This article renews the Isaiah commentary series.

The history of Israel and Judah during the days of the kings is a saddening chronicle of the back and forth struggle between unfaithful, apostate, baal worshipping kings and the reformers. No sooner would the righteous kings have cleared out the idolators the next generation of regents would apostatize again. Back and forth it went for nearly four centuries. Ostensibly, the Devil-worshippers won out —bringing ruination, ultimately provoking Jehovah to utterly destroy both Israel and later Judah and the temple in Jerusalem where Jehovah caused his name to reside. Of course, the destruction of Israel and Jerusalem did not mean Jehovah had been defeated.

Isaiah the prophet lived in Israel prior to and after the overthrow of the 10- tribe northern kingdom of Israel. The prophet was at the service of the Judean king, Hezekiah, when the Assyrian army under king Sennacherib laid siege to Judah with the intent of sacking Jerusalem. Having already laid waste to numerous nations, including Israel eight years earlier, and then many fortified cities in Judah, there was no apparent reason to doubt that Jerusalem would fall too.  (JW Broadcast video portraying king Hezekiah’s response to the siege.)

The king of Assyria sent his spokesmen to Jerusalem to demand that the city surrender. It was on that occasion that King Hezekiah pleaded with Jehovah to respond to Sennacherib’s taunts and save Jerusalem. The king also inquired of Isaiah, who was inspired to respond with the following: “Therefore this is what Jehovah says about the king of Assyria: ‘He will not come into this city or shoot an arrow there or confront it with a shield or cast up a siege rampart against it. By the way he came he will return; he will not come into this city,’ declares Jehovah. ‘I will defend this city and save it for my own sake and for the sake of my servant David.’” —Isaiah 33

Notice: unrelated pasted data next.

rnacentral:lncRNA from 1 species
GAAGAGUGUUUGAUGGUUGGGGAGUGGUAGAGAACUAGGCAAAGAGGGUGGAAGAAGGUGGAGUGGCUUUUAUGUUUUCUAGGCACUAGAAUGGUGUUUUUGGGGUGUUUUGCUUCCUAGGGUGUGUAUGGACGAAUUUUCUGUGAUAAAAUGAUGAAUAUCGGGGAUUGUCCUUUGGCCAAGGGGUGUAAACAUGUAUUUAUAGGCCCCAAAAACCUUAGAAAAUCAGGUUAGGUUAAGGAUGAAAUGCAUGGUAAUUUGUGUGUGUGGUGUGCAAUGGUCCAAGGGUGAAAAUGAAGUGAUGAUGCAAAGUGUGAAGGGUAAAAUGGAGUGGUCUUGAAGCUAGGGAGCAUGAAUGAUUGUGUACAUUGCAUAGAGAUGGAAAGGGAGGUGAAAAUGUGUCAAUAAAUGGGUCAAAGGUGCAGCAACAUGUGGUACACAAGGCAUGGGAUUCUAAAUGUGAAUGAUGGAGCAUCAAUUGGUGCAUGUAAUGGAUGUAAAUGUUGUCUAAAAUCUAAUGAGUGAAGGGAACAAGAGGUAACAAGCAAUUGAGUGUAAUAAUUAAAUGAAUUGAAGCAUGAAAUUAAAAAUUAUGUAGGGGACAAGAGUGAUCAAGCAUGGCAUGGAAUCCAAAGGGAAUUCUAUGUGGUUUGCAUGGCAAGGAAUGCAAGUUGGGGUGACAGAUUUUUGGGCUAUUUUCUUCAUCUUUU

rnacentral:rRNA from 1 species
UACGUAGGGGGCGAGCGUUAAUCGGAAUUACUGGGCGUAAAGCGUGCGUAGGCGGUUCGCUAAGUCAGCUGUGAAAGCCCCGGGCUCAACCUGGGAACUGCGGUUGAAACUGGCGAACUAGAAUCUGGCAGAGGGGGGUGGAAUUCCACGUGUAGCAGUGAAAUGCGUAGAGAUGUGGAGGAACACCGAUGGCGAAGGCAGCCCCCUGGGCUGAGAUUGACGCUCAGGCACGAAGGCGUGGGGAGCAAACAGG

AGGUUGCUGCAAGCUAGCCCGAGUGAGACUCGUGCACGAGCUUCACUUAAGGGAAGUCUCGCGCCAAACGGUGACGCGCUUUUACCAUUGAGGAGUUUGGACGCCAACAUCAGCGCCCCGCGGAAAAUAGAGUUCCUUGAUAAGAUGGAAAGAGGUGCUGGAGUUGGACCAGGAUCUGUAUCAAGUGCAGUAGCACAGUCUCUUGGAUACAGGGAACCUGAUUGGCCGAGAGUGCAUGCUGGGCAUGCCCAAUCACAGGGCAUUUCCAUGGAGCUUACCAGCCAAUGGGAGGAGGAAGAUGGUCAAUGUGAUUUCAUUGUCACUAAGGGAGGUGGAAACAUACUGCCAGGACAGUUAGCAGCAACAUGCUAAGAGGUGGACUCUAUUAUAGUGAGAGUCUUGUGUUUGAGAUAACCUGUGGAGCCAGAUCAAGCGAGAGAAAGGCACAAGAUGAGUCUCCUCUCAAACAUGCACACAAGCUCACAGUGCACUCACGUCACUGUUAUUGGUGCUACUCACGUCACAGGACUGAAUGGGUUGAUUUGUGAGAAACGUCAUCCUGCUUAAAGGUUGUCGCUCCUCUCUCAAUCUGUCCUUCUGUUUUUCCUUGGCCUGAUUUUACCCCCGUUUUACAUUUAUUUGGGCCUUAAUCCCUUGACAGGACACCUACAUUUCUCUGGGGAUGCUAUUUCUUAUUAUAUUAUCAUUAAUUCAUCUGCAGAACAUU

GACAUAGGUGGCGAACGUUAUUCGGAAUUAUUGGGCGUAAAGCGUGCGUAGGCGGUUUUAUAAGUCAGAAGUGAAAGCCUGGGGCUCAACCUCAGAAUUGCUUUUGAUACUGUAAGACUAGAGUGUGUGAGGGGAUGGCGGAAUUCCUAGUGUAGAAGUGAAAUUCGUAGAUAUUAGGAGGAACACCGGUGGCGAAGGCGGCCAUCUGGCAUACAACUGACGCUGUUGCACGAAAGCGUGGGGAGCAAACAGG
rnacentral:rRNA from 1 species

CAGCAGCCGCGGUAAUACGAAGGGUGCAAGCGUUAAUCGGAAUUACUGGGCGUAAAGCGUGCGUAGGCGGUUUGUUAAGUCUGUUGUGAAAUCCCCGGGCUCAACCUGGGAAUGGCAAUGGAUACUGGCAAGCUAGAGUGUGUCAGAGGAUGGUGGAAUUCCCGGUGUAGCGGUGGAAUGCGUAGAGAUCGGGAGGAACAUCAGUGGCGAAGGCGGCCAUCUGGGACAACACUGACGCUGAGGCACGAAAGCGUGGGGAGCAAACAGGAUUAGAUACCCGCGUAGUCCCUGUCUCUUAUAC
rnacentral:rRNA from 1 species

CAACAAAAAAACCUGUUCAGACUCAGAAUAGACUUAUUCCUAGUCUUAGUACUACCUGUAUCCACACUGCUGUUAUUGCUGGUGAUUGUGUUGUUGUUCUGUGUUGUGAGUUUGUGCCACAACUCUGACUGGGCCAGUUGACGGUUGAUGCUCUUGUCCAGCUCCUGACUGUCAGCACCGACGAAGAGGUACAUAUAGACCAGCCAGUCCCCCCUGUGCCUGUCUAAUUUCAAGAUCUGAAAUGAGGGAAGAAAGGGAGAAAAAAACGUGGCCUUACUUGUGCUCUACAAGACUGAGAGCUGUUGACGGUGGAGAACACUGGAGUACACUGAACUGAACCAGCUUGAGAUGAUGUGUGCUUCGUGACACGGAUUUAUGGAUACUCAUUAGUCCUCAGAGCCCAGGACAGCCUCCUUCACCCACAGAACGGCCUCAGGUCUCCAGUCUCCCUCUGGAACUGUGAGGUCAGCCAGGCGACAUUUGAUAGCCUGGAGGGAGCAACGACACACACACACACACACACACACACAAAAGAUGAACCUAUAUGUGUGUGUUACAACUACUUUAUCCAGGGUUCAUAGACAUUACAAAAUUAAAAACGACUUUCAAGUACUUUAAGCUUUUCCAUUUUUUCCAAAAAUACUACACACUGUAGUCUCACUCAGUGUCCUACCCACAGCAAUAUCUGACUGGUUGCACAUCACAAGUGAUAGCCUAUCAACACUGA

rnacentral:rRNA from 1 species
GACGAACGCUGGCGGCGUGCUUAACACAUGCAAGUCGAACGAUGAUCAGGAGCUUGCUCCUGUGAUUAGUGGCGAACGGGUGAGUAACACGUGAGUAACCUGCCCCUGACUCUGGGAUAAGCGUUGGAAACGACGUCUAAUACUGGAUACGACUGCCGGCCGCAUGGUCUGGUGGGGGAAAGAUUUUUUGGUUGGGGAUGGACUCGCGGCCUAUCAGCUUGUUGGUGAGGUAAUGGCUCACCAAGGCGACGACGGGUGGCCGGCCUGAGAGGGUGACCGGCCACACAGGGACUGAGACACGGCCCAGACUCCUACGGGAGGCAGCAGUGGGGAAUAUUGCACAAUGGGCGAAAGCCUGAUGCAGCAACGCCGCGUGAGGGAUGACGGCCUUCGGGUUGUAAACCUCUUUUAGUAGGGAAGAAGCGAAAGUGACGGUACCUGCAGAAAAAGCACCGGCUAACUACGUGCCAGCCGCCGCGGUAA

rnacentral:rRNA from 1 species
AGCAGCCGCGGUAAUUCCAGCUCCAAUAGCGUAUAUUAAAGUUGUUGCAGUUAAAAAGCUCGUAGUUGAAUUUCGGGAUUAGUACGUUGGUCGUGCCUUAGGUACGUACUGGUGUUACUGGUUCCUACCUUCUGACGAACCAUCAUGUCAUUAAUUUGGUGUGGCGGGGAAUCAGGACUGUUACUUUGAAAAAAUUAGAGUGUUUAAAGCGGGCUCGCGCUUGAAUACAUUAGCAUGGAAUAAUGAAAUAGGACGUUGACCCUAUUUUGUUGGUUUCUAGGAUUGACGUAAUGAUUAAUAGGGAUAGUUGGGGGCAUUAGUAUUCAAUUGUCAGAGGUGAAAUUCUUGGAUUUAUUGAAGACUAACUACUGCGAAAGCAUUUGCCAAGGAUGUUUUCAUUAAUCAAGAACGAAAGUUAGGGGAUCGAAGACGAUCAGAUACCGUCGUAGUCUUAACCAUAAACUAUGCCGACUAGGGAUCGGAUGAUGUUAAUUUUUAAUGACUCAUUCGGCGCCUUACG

But sadly, less than 150 years after the angel slew the Assyrian army God maneuvered Babylon to not only lay siege to Jerusalem, but to utterly destroy it.  Both instances —God saving the city and the destruction of it —have profound prophetic significance, as revealed in the book of Isaiah and virtually all other Hebrew books of the prophets.